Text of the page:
On March 23, 2020, Governor Newsom signed Executive Order N-54-20, suspending for 60 days public agency and project proponent procedures for posting notices of key CEQA compliance actions. The Executive Order also relaxes statutory tribal consultation requirements.
The Executive Order is effective immediately and applies to:
- Posting of Notices of Preparation of Environmental Impact Reports;
- Posting of Notices of Availability of Draft Environmental Impact Reports with the relevant county clerk or the Governor’s Office of Planning and Research, as applicable;
- Posting of Notices of Intent to Adopt Mitigated Negative Declaration or Negative Declaration;
- Filing of Notices of Exemption from CEQA by public agencies and project proponents;
- Posting of Notices of Determination following project approval;
- Filing and posting of Notices of Determinations with the county clerk or the Governor’s Office of Planning and Research, as applicable; and
- The timeframes for tribal consultation under Public Resources Code sections 21080.3.1 and 21082.
The Executive Order does not absolve public agencies and project proponents from undertaking reasonable noticing efforts that are consistent with COVID-19 public health orders.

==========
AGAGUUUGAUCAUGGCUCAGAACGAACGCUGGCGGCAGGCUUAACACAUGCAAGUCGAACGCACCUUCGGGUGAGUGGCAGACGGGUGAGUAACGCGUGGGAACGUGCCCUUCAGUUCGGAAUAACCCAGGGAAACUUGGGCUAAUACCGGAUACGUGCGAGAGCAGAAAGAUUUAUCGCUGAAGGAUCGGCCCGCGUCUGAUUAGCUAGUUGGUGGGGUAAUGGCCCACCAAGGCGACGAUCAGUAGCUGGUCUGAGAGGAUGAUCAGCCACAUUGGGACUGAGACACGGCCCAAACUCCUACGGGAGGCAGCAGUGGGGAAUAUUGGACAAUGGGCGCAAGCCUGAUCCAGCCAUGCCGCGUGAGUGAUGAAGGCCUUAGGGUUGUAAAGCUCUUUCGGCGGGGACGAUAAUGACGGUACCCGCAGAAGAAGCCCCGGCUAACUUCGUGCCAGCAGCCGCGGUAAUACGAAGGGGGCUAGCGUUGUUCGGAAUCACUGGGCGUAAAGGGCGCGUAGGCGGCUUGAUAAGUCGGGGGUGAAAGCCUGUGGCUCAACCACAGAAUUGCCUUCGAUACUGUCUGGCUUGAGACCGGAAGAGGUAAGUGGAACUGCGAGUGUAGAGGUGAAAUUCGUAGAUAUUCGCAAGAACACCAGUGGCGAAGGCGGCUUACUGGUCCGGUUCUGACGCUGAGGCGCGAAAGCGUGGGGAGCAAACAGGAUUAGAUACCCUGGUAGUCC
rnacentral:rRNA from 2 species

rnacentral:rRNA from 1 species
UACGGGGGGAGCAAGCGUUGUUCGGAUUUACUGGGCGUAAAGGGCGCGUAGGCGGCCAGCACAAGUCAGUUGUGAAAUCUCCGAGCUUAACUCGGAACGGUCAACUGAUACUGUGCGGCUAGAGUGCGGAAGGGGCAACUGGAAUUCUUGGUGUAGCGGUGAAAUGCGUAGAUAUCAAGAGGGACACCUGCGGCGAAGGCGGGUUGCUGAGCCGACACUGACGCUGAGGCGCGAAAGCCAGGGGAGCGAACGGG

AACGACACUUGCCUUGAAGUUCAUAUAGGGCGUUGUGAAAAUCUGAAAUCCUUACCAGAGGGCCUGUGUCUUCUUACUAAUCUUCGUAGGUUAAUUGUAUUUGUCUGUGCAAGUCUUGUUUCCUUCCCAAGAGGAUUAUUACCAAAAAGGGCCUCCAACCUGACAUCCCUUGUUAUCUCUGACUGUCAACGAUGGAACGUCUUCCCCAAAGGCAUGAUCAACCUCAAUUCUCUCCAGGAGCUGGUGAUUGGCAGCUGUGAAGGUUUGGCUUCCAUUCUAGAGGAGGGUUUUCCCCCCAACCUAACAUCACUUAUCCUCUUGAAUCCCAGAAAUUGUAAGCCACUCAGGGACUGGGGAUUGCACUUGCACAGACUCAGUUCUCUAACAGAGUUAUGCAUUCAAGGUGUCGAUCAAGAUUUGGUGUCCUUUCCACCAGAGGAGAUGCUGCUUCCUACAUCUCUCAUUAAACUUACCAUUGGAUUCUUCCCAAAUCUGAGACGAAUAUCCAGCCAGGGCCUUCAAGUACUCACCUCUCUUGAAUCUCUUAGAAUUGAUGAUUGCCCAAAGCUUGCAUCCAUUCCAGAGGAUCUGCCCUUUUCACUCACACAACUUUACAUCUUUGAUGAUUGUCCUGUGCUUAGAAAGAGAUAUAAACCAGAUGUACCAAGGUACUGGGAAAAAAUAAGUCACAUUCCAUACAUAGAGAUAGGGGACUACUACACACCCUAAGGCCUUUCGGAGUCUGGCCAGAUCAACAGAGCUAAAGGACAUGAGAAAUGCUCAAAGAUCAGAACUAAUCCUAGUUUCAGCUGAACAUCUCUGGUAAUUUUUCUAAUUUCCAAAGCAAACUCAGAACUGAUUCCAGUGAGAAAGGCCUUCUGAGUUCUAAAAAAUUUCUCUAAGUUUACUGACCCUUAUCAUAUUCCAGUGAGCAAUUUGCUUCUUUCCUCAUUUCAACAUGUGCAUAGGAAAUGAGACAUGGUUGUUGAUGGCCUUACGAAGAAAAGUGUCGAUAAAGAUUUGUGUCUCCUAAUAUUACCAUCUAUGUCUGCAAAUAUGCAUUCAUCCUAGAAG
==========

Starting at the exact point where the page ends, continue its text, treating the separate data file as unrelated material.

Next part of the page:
During the 60-day suspension, public agencies and project proponents are directed to:
- Post materials on the relevant agency’s or applicant’s public-facing website for the same period of time that physical posting would otherwise be required;
- Submit all materials electronically to the State Clearinghouse CEQAnet Web Portal; and
- Engage in outreach to any individuals and entities known by the lead agency, responsible agency, or project applicant to be parties interested in the project in the manner contemplated by the Public Resources Code sections 21100 et seq. and California Code of Regulations, Title 14, sections 15000 et seq.
The Executive Order also encourages public agencies and project proponents to pursue additional methods of public notice and outreach as appropriate for particular projects and communities.
The Executive Order does not impact statutory or regulatory provisions governing public review time-frames for CEQA documentation.
The Executive Order does not refer to or clarify the scope of the California Judicial Council’s recent emergency rule tolling statutes of limitation for all civil causes of action. Emergency rule 9 has been widely interpreted to indefinitely toll CEQA statutes of limitations.
The full text of the Executive Order is available here.
Liz Klebaner advises public agency and corporate clients on a variety of complex land use and environmental matters, and she litigates in both state and federal court. While based in Nossaman’s Los Angeles office, Liz has strong ...
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